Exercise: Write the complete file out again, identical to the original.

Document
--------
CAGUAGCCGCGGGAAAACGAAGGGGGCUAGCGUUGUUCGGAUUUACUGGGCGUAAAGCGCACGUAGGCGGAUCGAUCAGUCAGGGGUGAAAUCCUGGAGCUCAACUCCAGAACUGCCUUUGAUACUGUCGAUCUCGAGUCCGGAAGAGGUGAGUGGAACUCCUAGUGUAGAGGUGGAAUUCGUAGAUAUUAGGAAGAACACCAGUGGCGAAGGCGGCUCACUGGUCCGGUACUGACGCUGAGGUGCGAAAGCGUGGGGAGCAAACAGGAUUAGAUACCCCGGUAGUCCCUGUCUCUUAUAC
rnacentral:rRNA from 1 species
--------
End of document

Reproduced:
CAGUAGCCGCGGGAAAACGAAGGGGGCUAGCGUUGUUCGGAUUUACUGGGCGUAAAGCGCACGUAGGCGGAUCGAUCAGUCAGGGGUGAAAUCCUGGAGCUCAACUCCAGAACUGCCUUUGAUACUGUCGAUCUCGAGUCCGGAAGAGGUGAGUGGAACUCCUAGUGUAGAGGUGGAAUUCGUAGAUAUUAGGAAGAACACCAGUGGCGAAGGCGGCUCACUGGUCCGGUACUGACGCUGAGGUGCGAAAGCGUGGGGAGCAAACAGGAUUAGAUACCCCGGUAGUCCCUGUCUCUUAUAC
rnacentral:rRNA from 1 species